A summarizing review of what has been happening at the crypto markets of the past week. A look at trending sectors, liquidity, volatility, spreads and more. The weekly report in cooperation with market data provider Kaiko.
The last 7 days in the cryptomarkets:
- Price Movements: Following historic all time highs and declining intraday volatility, Bitcoin and Ethereum crashed precipitously Monday morning.
- Trading Volume: The falling ratio of U.S. Dollar to Tether volume suggests institutional traders have taken a step back in February.
- Order Book Liquidity: Market depth plummeted during this morning’s crash, briefly causing a flash crash for ETH-USD on Kraken.
- Volatility and Correlations: Bitcoin’s correlation with Gold has been mostly positive over the past 2 years.
A historic milestone followed by a sharp correction
Going to press, BTC and ETH plummeted, but the past week’s noteworthy events are worth mentioning. A series of seemingly endless new all time highs propelled Bitcoin’s market cap past the $1 trillion milestone, up from $178 billion a year ago. The bull run continued its spread to all sectors of the crypto industry, with Binance‘s BNB token experiencing the week’s best returns at 107%, catapulting the exchange token to a new ranking of third largest by market cap. The question on everyone’s mind is whether this historic rally can keep up, especially considering trading volumes seem to be tapering off despite the highs. This morning suggests that a correction is in the works.
Dollar volume as an indicator of institutional inflows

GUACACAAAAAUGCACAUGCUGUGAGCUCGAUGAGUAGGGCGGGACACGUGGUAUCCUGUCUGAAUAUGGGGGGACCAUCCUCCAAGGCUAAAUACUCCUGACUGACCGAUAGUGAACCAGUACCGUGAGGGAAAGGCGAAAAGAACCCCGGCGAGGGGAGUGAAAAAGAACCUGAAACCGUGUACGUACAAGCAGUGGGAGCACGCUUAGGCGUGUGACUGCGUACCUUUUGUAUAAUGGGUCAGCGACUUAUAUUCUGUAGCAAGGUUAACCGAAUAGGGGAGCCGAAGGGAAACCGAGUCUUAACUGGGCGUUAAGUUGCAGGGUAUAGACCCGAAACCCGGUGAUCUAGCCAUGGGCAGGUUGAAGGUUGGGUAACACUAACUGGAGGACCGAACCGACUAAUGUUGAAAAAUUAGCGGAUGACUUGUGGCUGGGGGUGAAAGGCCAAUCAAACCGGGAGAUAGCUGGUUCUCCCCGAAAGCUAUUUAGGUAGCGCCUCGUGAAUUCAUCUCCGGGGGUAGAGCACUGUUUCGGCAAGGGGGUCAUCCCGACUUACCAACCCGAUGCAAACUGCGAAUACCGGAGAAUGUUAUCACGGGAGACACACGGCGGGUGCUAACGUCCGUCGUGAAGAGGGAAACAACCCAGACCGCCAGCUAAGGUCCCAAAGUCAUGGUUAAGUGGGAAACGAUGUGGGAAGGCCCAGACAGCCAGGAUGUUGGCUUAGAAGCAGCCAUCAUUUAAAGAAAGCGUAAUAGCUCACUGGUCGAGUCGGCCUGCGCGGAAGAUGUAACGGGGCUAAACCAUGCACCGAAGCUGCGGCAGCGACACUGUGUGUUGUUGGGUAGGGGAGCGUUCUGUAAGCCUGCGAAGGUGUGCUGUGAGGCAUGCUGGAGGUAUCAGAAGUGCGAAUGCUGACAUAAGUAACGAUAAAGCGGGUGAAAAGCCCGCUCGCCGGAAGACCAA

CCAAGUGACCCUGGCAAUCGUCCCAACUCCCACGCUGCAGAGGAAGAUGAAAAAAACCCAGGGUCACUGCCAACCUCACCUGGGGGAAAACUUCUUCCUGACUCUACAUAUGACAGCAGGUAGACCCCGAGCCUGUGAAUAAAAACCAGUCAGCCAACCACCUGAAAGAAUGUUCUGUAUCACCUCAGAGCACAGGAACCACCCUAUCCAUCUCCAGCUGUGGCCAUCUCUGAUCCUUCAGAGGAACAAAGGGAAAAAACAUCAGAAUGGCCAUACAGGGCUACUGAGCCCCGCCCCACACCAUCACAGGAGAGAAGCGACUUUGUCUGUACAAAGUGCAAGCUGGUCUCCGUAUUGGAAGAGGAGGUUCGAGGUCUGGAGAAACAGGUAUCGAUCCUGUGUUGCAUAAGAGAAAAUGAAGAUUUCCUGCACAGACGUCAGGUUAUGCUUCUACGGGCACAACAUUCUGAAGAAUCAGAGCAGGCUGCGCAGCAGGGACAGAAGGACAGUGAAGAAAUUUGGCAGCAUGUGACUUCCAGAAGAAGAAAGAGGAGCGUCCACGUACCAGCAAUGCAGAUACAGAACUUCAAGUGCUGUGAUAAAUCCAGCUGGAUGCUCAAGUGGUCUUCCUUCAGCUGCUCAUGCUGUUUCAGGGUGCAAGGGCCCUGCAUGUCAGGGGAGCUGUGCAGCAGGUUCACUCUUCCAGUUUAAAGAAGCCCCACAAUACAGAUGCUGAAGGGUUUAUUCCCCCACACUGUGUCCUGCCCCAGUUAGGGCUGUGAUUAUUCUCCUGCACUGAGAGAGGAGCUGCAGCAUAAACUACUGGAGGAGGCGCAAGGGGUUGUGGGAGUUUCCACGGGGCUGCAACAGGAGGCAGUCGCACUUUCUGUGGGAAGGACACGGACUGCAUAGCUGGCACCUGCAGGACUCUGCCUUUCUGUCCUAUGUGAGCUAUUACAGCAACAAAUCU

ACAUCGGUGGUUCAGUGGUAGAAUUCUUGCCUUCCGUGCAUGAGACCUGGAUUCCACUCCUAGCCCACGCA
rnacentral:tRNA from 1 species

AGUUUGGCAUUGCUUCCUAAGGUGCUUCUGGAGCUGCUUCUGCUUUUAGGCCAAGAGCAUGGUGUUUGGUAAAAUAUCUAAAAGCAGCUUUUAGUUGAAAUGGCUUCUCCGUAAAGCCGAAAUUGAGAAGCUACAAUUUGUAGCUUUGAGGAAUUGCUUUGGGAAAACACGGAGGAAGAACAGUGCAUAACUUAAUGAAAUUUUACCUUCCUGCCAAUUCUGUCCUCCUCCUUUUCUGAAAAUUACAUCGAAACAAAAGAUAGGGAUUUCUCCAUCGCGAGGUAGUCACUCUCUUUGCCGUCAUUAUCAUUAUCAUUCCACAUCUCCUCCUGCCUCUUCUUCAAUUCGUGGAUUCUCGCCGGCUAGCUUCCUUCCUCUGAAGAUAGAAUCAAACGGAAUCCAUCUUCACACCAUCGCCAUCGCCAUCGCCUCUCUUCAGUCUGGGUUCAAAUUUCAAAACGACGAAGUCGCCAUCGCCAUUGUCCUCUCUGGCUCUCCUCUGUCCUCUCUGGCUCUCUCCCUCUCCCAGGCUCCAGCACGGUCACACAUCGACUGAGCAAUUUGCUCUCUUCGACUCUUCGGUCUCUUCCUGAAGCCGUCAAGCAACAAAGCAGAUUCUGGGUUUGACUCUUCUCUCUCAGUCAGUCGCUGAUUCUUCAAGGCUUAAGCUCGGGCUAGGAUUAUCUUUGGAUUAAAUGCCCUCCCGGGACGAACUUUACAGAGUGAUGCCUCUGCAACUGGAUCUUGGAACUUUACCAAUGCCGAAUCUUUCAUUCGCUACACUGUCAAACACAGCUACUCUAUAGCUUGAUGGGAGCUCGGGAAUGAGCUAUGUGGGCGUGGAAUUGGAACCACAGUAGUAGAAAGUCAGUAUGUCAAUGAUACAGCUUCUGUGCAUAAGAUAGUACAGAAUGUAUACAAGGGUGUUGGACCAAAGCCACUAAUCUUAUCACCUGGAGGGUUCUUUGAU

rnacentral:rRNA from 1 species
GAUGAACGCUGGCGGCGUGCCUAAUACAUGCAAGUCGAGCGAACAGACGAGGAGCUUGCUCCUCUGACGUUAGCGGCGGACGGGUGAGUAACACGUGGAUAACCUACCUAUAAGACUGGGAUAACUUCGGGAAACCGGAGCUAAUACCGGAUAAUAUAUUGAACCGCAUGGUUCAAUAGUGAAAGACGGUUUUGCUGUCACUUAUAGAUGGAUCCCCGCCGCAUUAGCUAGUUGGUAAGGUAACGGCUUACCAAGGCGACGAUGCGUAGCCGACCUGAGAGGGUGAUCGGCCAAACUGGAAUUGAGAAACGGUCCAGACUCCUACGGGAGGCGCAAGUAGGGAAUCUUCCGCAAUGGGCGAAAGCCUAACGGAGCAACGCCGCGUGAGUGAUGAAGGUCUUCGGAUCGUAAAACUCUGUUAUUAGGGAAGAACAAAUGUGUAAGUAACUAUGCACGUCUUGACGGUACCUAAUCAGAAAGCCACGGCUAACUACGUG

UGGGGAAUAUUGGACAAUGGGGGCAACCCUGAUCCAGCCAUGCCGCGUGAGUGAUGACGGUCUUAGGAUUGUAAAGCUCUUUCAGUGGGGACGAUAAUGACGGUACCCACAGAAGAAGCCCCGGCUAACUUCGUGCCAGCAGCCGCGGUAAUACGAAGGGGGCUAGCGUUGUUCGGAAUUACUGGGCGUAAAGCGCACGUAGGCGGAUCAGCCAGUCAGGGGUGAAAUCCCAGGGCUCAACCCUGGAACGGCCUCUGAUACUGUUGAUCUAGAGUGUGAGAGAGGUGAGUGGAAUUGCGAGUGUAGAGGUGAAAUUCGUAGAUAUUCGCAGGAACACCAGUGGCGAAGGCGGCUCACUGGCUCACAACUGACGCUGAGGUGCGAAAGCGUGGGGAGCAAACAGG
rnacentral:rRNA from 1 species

The ratio of Dollar (USD) volume to Tether (USDT) volume can be used as a signal of institutional participation in crypto, assuming that most institutional traders prefer to transact with fiat currencies on regulated exchange platforms. Since last year, Dollar volumes have doubled from 15% of the total Bitcoin traded to 30%. This rise corresponds closely with the wave of institutional announcements made over the past few months. USD volume peaked mid-January at more than 40% of the total.
We can also use this volume ratio on shorter timescales to determine how institutional traders are behaving. Below, we charted USD and USDT volumes over the past two months, and can observe a different trend compared with the chart above.
In the short term, the volume ratio suggests that institutional buyers have taken a pause in February, with a 5% decline in BTC-USD volume relative to BTC-USDT. Interestingly, prices have continued to rise to new all time highs despite the shift in the volume ratio towards more retail, crypto-only exchanges such as Binance. This suggests that institutional traders have played less of a role in Bitcoin’s rally over the past few weeks.
Market depth dissolves during a crash
This morning, prices went haywire. From one minute to the next, Bitcoin bounced between $48k, $52k, and back to $48k. It seemed that price feeds were broken, but what was actually happening was that a complete decimation of order book depth made the process of price discovery near impossible. When there is no market depth remaining on an order book, there is nothing stopping large market orders from whipsawing the price of Bitcoin. In extreme scenarios, this can cause what is known as a flash crash, which is when the withdrawal of orders amplifies price declines.
A flash crash actually occurred briefly on Kraken this morning for ETH-USD markets, which saw the price of ETH plummet below $1k (it had traded at $1600 moments earlier). We can observe above a complete decimation of market depth, as market makers quickly pulled orders from the book. This temporarily caused prices to plummet, only to rebound once market makers adjusted their positions.
Bitcoin’s correlation with gold has been mostly positive over the past 2 years
On the other hand, Bitcoin’s correlation with the S&P 500 has only been consistently positive over the past year, likely due to pandemic-induced economic shocks. No matter, both correlation charts show that nearly all financial assets (gold, equities, and crypto) have benefitted over the past year, for different reasons. Bitcoin and gold are often considered hedges against economic shocks and inflation, which could explain their growth, while many believe equities have soared as a result of business-friendly fiscal and monetary policy.